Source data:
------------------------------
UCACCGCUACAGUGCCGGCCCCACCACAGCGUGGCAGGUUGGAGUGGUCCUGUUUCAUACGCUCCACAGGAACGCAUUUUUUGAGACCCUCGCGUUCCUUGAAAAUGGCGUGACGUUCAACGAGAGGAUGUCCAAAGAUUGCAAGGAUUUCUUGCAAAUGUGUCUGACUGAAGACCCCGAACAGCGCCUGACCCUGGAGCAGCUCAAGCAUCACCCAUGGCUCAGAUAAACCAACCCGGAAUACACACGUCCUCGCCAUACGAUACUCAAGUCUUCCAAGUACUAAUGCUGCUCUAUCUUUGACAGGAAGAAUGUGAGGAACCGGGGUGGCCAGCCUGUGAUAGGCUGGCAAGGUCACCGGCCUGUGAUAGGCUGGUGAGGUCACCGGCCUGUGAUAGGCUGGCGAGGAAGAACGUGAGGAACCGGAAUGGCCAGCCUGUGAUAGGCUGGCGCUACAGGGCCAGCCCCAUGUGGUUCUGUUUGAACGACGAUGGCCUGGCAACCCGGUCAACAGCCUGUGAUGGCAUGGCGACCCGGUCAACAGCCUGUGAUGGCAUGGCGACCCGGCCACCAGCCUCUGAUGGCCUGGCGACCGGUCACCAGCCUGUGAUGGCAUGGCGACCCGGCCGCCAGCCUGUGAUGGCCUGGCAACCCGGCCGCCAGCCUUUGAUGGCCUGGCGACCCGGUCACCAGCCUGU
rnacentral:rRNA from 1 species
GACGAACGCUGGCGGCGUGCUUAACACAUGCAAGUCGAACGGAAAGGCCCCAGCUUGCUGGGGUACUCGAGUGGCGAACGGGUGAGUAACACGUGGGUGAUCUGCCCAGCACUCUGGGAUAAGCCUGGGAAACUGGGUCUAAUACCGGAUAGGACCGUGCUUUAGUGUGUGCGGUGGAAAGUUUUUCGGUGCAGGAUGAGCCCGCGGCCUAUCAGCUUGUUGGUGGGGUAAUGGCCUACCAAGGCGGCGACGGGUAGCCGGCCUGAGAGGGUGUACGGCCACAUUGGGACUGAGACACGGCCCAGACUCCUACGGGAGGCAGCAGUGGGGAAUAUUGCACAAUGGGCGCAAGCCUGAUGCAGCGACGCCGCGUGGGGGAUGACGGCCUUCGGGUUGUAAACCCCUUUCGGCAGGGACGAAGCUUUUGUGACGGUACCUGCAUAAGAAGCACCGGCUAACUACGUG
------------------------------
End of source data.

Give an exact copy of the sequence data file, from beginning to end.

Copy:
UCACCGCUACAGUGCCGGCCCCACCACAGCGUGGCAGGUUGGAGUGGUCCUGUUUCAUACGCUCCACAGGAACGCAUUUUUUGAGACCCUCGCGUUCCUUGAAAAUGGCGUGACGUUCAACGAGAGGAUGUCCAAAGAUUGCAAGGAUUUCUUGCAAAUGUGUCUGACUGAAGACCCCGAACAGCGCCUGACCCUGGAGCAGCUCAAGCAUCACCCAUGGCUCAGAUAAACCAACCCGGAAUACACACGUCCUCGCCAUACGAUACUCAAGUCUUCCAAGUACUAAUGCUGCUCUAUCUUUGACAGGAAGAAUGUGAGGAACCGGGGUGGCCAGCCUGUGAUAGGCUGGCAAGGUCACCGGCCUGUGAUAGGCUGGUGAGGUCACCGGCCUGUGAUAGGCUGGCGAGGAAGAACGUGAGGAACCGGAAUGGCCAGCCUGUGAUAGGCUGGCGCUACAGGGCCAGCCCCAUGUGGUUCUGUUUGAACGACGAUGGCCUGGCAACCCGGUCAACAGCCUGUGAUGGCAUGGCGACCCGGUCAACAGCCUGUGAUGGCAUGGCGACCCGGCCACCAGCCUCUGAUGGCCUGGCGACCGGUCACCAGCCUGUGAUGGCAUGGCGACCCGGCCGCCAGCCUGUGAUGGCCUGGCAACCCGGCCGCCAGCCUUUGAUGGCCUGGCGACCCGGUCACCAGCCUGU
rnacentral:rRNA from 1 species
GACGAACGCUGGCGGCGUGCUUAACACAUGCAAGUCGAACGGAAAGGCCCCAGCUUGCUGGGGUACUCGAGUGGCGAACGGGUGAGUAACACGUGGGUGAUCUGCCCAGCACUCUGGGAUAAGCCUGGGAAACUGGGUCUAAUACCGGAUAGGACCGUGCUUUAGUGUGUGCGGUGGAAAGUUUUUCGGUGCAGGAUGAGCCCGCGGCCUAUCAGCUUGUUGGUGGGGUAAUGGCCUACCAAGGCGGCGACGGGUAGCCGGCCUGAGAGGGUGUACGGCCACAUUGGGACUGAGACACGGCCCAGACUCCUACGGGAGGCAGCAGUGGGGAAUAUUGCACAAUGGGCGCAAGCCUGAUGCAGCGACGCCGCGUGGGGGAUGACGGCCUUCGGGUUGUAAACCCCUUUCGGCAGGGACGAAGCUUUUGUGACGGUACCUGCAUAAGAAGCACCGGCUAACUACGUG